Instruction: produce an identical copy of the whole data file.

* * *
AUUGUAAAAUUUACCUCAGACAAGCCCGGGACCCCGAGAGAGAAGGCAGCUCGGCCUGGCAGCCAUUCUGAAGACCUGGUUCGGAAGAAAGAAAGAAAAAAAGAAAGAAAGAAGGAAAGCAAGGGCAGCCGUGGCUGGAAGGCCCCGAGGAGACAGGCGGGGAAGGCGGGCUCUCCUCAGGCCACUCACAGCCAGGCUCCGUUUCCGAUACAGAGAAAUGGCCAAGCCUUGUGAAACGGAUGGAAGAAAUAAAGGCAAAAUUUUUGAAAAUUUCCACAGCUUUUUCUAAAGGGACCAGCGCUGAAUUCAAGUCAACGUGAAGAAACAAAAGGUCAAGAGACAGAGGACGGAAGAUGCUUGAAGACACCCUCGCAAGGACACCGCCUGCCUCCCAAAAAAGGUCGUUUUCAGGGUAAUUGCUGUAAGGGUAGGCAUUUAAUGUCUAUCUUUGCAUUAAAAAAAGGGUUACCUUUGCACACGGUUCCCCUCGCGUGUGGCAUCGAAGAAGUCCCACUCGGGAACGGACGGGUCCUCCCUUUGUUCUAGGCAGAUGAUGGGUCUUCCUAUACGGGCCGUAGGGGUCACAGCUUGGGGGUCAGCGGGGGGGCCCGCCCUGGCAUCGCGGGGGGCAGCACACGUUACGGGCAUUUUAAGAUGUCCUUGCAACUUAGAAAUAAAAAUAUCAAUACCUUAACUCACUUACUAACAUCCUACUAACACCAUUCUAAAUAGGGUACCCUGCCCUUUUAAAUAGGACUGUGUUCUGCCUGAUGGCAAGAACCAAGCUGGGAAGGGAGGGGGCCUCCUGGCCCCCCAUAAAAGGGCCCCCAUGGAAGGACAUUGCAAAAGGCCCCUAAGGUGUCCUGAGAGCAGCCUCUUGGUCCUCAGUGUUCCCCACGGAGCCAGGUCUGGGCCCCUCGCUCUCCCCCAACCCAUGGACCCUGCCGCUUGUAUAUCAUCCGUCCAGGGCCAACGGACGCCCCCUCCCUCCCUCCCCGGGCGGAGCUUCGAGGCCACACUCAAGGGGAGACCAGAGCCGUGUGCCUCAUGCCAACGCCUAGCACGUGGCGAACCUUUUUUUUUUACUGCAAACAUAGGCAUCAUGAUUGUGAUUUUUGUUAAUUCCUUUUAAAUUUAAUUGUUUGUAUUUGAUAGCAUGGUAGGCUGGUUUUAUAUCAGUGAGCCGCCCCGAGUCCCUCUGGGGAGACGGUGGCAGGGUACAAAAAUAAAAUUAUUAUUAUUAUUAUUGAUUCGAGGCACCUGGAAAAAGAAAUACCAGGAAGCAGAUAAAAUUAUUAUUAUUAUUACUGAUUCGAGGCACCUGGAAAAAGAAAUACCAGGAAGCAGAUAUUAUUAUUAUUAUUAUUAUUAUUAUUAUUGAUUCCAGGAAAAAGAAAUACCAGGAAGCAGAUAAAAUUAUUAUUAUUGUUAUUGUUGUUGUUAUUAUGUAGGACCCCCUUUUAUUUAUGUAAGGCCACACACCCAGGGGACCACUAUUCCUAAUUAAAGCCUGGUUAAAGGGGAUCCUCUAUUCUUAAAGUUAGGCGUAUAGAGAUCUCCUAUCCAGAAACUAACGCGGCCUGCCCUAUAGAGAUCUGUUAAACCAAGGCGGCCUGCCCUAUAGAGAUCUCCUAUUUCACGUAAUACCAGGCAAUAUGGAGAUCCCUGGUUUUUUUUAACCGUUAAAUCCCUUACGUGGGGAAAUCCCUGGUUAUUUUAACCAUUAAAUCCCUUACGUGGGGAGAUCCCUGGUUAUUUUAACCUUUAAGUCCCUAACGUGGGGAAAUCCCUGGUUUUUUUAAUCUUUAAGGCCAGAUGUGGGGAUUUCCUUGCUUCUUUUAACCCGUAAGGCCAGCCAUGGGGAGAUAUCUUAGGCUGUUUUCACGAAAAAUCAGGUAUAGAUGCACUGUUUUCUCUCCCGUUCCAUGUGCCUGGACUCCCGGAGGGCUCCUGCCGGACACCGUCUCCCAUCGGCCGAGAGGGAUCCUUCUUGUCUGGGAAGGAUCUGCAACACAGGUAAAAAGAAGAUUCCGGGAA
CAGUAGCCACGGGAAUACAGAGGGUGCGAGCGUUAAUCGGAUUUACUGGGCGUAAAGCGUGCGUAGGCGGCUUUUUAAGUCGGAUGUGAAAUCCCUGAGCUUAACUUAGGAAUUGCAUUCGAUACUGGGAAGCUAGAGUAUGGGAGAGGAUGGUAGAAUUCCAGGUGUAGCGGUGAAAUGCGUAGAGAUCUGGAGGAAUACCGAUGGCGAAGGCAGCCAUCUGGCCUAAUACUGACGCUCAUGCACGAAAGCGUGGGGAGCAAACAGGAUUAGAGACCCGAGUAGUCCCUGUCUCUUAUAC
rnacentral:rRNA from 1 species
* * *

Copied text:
AUUGUAAAAUUUACCUCAGACAAGCCCGGGACCCCGAGAGAGAAGGCAGCUCGGCCUGGCAGCCAUUCUGAAGACCUGGUUCGGAAGAAAGAAAGAAAAAAAGAAAGAAAGAAGGAAAGCAAGGGCAGCCGUGGCUGGAAGGCCCCGAGGAGACAGGCGGGGAAGGCGGGCUCUCCUCAGGCCACUCACAGCCAGGCUCCGUUUCCGAUACAGAGAAAUGGCCAAGCCUUGUGAAACGGAUGGAAGAAAUAAAGGCAAAAUUUUUGAAAAUUUCCACAGCUUUUUCUAAAGGGACCAGCGCUGAAUUCAAGUCAACGUGAAGAAACAAAAGGUCAAGAGACAGAGGACGGAAGAUGCUUGAAGACACCCUCGCAAGGACACCGCCUGCCUCCCAAAAAAGGUCGUUUUCAGGGUAAUUGCUGUAAGGGUAGGCAUUUAAUGUCUAUCUUUGCAUUAAAAAAAGGGUUACCUUUGCACACGGUUCCCCUCGCGUGUGGCAUCGAAGAAGUCCCACUCGGGAACGGACGGGUCCUCCCUUUGUUCUAGGCAGAUGAUGGGUCUUCCUAUACGGGCCGUAGGGGUCACAGCUUGGGGGUCAGCGGGGGGGCCCGCCCUGGCAUCGCGGGGGGCAGCACACGUUACGGGCAUUUUAAGAUGUCCUUGCAACUUAGAAAUAAAAAUAUCAAUACCUUAACUCACUUACUAACAUCCUACUAACACCAUUCUAAAUAGGGUACCCUGCCCUUUUAAAUAGGACUGUGUUCUGCCUGAUGGCAAGAACCAAGCUGGGAAGGGAGGGGGCCUCCUGGCCCCCCAUAAAAGGGCCCCCAUGGAAGGACAUUGCAAAAGGCCCCUAAGGUGUCCUGAGAGCAGCCUCUUGGUCCUCAGUGUUCCCCACGGAGCCAGGUCUGGGCCCCUCGCUCUCCCCCAACCCAUGGACCCUGCCGCUUGUAUAUCAUCCGUCCAGGGCCAACGGACGCCCCCUCCCUCCCUCCCCGGGCGGAGCUUCGAGGCCACACUCAAGGGGAGACCAGAGCCGUGUGCCUCAUGCCAACGCCUAGCACGUGGCGAACCUUUUUUUUUUACUGCAAACAUAGGCAUCAUGAUUGUGAUUUUUGUUAAUUCCUUUUAAAUUUAAUUGUUUGUAUUUGAUAGCAUGGUAGGCUGGUUUUAUAUCAGUGAGCCGCCCCGAGUCCCUCUGGGGAGACGGUGGCAGGGUACAAAAAUAAAAUUAUUAUUAUUAUUAUUGAUUCGAGGCACCUGGAAAAAGAAAUACCAGGAAGCAGAUAAAAUUAUUAUUAUUAUUACUGAUUCGAGGCACCUGGAAAAAGAAAUACCAGGAAGCAGAUAUUAUUAUUAUUAUUAUUAUUAUUAUUAUUGAUUCCAGGAAAAAGAAAUACCAGGAAGCAGAUAAAAUUAUUAUUAUUGUUAUUGUUGUUGUUAUUAUGUAGGACCCCCUUUUAUUUAUGUAAGGCCACACACCCAGGGGACCACUAUUCCUAAUUAAAGCCUGGUUAAAGGGGAUCCUCUAUUCUUAAAGUUAGGCGUAUAGAGAUCUCCUAUCCAGAAACUAACGCGGCCUGCCCUAUAGAGAUCUGUUAAACCAAGGCGGCCUGCCCUAUAGAGAUCUCCUAUUUCACGUAAUACCAGGCAAUAUGGAGAUCCCUGGUUUUUUUUAACCGUUAAAUCCCUUACGUGGGGAAAUCCCUGGUUAUUUUAACCAUUAAAUCCCUUACGUGGGGAGAUCCCUGGUUAUUUUAACCUUUAAGUCCCUAACGUGGGGAAAUCCCUGGUUUUUUUAAUCUUUAAGGCCAGAUGUGGGGAUUUCCUUGCUUCUUUUAACCCGUAAGGCCAGCCAUGGGGAGAUAUCUUAGGCUGUUUUCACGAAAAAUCAGGUAUAGAUGCACUGUUUUCUCUCCCGUUCCAUGUGCCUGGACUCCCGGAGGGCUCCUGCCGGACACCGUCUCCCAUCGGCCGAGAGGGAUCCUUCUUGUCUGGGAAGGAUCUGCAACACAGGUAAAAAGAAGAUUCCGGGAA
CAGUAGCCACGGGAAUACAGAGGGUGCGAGCGUUAAUCGGAUUUACUGGGCGUAAAGCGUGCGUAGGCGGCUUUUUAAGUCGGAUGUGAAAUCCCUGAGCUUAACUUAGGAAUUGCAUUCGAUACUGGGAAGCUAGAGUAUGGGAGAGGAUGGUAGAAUUCCAGGUGUAGCGGUGAAAUGCGUAGAGAUCUGGAGGAAUACCGAUGGCGAAGGCAGCCAUCUGGCCUAAUACUGACGCUCAUGCACGAAAGCGUGGGGAGCAAACAGGAUUAGAGACCCGAGUAGUCCCUGUCUCUUAUAC
rnacentral:rRNA from 1 species